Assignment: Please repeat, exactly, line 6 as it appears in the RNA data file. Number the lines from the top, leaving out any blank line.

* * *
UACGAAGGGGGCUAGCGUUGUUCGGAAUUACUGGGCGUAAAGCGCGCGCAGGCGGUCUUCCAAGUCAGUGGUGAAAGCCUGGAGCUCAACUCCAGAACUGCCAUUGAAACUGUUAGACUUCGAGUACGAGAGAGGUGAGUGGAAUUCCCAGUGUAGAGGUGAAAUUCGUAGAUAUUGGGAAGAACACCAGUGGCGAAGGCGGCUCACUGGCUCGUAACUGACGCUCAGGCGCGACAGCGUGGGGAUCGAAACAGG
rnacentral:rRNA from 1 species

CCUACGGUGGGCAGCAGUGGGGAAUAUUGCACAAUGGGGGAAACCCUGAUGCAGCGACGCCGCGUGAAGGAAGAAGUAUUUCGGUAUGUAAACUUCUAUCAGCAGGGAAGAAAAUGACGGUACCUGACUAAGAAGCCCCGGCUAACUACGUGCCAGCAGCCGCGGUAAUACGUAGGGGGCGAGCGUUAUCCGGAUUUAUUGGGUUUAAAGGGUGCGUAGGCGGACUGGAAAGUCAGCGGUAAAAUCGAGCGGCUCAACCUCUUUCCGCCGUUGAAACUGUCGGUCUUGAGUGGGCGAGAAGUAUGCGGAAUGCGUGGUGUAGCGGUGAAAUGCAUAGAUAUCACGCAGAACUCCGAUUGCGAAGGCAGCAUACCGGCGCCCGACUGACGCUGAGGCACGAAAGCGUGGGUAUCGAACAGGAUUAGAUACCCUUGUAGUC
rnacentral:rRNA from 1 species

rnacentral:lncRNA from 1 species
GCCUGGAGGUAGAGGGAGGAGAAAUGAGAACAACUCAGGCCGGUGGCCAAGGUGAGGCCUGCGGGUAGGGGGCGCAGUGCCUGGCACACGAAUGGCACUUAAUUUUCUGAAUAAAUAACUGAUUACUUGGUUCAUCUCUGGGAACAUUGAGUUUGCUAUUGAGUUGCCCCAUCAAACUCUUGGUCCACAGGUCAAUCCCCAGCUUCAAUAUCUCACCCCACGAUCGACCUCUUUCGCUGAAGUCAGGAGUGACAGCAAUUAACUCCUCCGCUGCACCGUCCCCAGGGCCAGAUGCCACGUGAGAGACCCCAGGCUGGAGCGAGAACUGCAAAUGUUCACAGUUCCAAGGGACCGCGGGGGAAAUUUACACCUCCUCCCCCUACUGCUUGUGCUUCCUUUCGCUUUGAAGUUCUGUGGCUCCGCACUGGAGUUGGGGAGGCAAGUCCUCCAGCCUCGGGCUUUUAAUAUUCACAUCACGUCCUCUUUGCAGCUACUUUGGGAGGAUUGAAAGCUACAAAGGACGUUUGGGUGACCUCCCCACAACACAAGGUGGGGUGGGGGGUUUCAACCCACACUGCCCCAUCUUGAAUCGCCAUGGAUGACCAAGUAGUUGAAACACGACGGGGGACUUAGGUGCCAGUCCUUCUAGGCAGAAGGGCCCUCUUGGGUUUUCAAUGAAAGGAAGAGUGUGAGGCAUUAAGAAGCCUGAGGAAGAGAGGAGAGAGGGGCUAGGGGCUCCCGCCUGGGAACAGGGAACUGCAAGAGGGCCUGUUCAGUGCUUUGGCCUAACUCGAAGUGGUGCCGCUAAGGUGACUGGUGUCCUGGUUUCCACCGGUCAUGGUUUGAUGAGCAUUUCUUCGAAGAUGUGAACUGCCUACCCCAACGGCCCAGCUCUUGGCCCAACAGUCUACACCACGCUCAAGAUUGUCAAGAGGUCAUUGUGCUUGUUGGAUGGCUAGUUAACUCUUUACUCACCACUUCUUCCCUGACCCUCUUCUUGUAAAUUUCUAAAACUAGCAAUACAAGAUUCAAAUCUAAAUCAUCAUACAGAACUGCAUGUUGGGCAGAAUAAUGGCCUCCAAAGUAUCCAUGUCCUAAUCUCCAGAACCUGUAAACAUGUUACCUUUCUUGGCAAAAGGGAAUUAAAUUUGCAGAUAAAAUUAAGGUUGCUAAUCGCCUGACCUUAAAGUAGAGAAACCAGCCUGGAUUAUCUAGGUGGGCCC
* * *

GCCUGGAGGUAGAGGGAGGAGAAAUGAGAACAACUCAGGCCGGUGGCCAAGGUGAGGCCUGCGGGUAGGGGGCGCAGUGCCUGGCACACGAAUGGCACUUAAUUUUCUGAAUAAAUAACUGAUUACUUGGUUCAUCUCUGGGAACAUUGAGUUUGCUAUUGAGUUGCCCCAUCAAACUCUUGGUCCACAGGUCAAUCCCCAGCUUCAAUAUCUCACCCCACGAUCGACCUCUUUCGCUGAAGUCAGGAGUGACAGCAAUUAACUCCUCCGCUGCACCGUCCCCAGGGCCAGAUGCCACGUGAGAGACCCCAGGCUGGAGCGAGAACUGCAAAUGUUCACAGUUCCAAGGGACCGCGGGGGAAAUUUACACCUCCUCCCCCUACUGCUUGUGCUUCCUUUCGCUUUGAAGUUCUGUGGCUCCGCACUGGAGUUGGGGAGGCAAGUCCUCCAGCCUCGGGCUUUUAAUAUUCACAUCACGUCCUCUUUGCAGCUACUUUGGGAGGAUUGAAAGCUACAAAGGACGUUUGGGUGACCUCCCCACAACACAAGGUGGGGUGGGGGGUUUCAACCCACACUGCCCCAUCUUGAAUCGCCAUGGAUGACCAAGUAGUUGAAACACGACGGGGGACUUAGGUGCCAGUCCUUCUAGGCAGAAGGGCCCUCUUGGGUUUUCAAUGAAAGGAAGAGUGUGAGGCAUUAAGAAGCCUGAGGAAGAGAGGAGAGAGGGGCUAGGGGCUCCCGCCUGGGAACAGGGAACUGCAAGAGGGCCUGUUCAGUGCUUUGGCCUAACUCGAAGUGGUGCCGCUAAGGUGACUGGUGUCCUGGUUUCCACCGGUCAUGGUUUGAUGAGCAUUUCUUCGAAGAUGUGAACUGCCUACCCCAACGGCCCAGCUCUUGGCCCAACAGUCUACACCACGCUCAAGAUUGUCAAGAGGUCAUUGUGCUUGUUGGAUGGCUAGUUAACUCUUUACUCACCACUUCUUCCCUGACCCUCUUCUUGUAAAUUUCUAAAACUAGCAAUACAAGAUUCAAAUCUAAAUCAUCAUACAGAACUGCAUGUUGGGCAGAAUAAUGGCCUCCAAAGUAUCCAUGUCCUAAUCUCCAGAACCUGUAAACAUGUUACCUUUCUUGGCAAAAGGGAAUUAAAUUUGCAGAUAAAAUUAAGGUUGCUAAUCGCCUGACCUUAAAGUAGAGAAACCAGCCUGGAUUAUCUAGGUGGGCCC